For: A tried and trusted Western response to Slobodan Milosevic, and to plenty of other difficult people. Let the crisis drag on, let the fighting sort itself out. No risk to Western troops.
Against: The crisis continues. People keep dying, the stability of the Balkans deteriorates, the problem does not go away. If anything, the number of options becomes smaller as time goes on. Differences between the major powers get worse and exacerbate a bad situation.
2 Take it to the UN
For: The United Nations is the place to build consensus for any future action, and is the only place where a political solution can be created. If force is to be used, the agreement of the UN will make it legitimate, not just a unilateral gesture.
Against: The US in particular is very wary of the UN, and of limitations that it might place on Nato's freedom of action in this and future crises. In any case, given the political differences between the major powers over the issue, this option effectively means the same as option 1.
3 Intensify the pressure
For: Time is the key factor, so help create some while using plenty of threats to keep things moving. Put in place clear definitions of what Milosevic has to do and make it clear that if they are not met, airstrikes will follow. Lean on him in order to kickstart a political process.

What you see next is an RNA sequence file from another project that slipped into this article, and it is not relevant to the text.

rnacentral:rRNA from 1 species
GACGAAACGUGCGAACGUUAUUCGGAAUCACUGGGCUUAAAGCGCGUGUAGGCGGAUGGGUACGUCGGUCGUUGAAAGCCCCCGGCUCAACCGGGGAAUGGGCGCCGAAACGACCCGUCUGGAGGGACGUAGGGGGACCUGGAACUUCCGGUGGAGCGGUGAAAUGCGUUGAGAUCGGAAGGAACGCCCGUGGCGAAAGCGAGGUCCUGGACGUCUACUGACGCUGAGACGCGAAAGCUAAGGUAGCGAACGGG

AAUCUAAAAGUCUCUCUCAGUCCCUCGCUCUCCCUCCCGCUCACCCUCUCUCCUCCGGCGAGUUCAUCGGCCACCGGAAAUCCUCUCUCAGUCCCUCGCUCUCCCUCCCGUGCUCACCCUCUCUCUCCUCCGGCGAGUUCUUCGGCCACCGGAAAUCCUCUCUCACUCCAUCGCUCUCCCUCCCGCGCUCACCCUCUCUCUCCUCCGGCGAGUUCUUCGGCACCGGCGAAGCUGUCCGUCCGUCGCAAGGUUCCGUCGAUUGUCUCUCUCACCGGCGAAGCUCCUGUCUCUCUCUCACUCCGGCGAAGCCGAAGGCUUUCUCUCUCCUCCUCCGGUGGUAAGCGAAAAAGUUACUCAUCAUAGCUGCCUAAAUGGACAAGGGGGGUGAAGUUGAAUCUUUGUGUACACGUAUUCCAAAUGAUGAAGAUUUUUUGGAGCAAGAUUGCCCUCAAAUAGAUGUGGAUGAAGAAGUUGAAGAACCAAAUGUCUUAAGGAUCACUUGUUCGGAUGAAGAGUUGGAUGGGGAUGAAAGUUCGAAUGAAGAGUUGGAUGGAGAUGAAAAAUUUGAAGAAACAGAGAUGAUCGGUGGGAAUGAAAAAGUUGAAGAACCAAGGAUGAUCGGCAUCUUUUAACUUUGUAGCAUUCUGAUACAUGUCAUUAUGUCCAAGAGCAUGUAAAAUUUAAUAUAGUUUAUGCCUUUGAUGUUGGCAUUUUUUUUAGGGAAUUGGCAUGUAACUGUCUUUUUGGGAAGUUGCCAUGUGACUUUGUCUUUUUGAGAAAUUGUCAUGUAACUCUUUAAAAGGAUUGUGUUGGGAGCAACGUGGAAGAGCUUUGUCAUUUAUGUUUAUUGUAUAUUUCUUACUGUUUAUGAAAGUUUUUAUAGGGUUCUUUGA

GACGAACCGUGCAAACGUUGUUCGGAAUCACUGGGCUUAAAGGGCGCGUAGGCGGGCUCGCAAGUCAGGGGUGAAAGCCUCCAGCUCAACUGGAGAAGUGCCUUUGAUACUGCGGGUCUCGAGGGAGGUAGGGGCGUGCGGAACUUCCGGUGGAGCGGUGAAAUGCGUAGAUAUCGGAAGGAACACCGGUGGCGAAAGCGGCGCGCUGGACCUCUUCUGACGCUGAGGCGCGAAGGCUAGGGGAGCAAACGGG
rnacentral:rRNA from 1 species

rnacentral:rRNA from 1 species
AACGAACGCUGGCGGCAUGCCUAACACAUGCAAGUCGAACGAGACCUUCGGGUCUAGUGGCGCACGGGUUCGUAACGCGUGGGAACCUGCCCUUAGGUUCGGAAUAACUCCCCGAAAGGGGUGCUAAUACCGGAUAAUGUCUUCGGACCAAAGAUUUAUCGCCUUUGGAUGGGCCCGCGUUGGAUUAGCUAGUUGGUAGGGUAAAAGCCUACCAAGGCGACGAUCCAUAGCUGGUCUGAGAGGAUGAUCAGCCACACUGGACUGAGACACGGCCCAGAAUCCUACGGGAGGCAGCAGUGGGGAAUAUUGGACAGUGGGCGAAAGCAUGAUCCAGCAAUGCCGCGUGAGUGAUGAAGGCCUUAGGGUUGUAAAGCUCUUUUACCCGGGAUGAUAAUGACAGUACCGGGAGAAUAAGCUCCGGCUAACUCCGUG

Against: Remember Bosnia? Time is Milosevic's great ally. Let things drag on and nothing will happen. The KLA, in any case, have little incentive to negotiate unless independence is on the way. Full-scale war will still materialise.
4 Punitive Strikes
For: Using military force against Serb forces worked before, in Bosnia; Milosevic has shown in the past that he is not prepared to stand tough, and will back down under real pressure.
Against: It doesn't solve the po-litical problem. The basic dilemma over Kosovo is unresolved - can it stay as it is within Yugoslavia, or must it become independent? And what happens if Milosevic does respond - will the West be ready to escalate?
5 Heavy strikes
For: Strike Serbian targets with an intention to erase the country's military force, and force a solution on Belgrade. Prevent Serbian military forces from playing any role in Kosovo, and bolster the situation with a monitor force.
Against: Remember Bosnia? This will lead inevitably to ground forces in Kosovo, which neither the US nor Britain is happy about. Without it, a hornet's nest has been poked to little end. The fighting will carry on, and the KLA have the strategic upper hand. War is still a likely result.
6 Ground troops
For: In the end, territory can only be held by men on the ground, so move to it quickly before anyone is killed. Let the KLA and the Serbian government negotiate with Western forces in-between their keeping the peace - heavily-armed troops with plenty of backing from air, land and sea.
Against: This is peace-making, not peace-keeping, and it looks like nation- building. It didn't work in Somalia and it won't work here. The cost in Western lives could be high, and it would be an invasion, in effect, of a sovereign country. Ground troops means, probably, the Americans, and Washington won't go for it.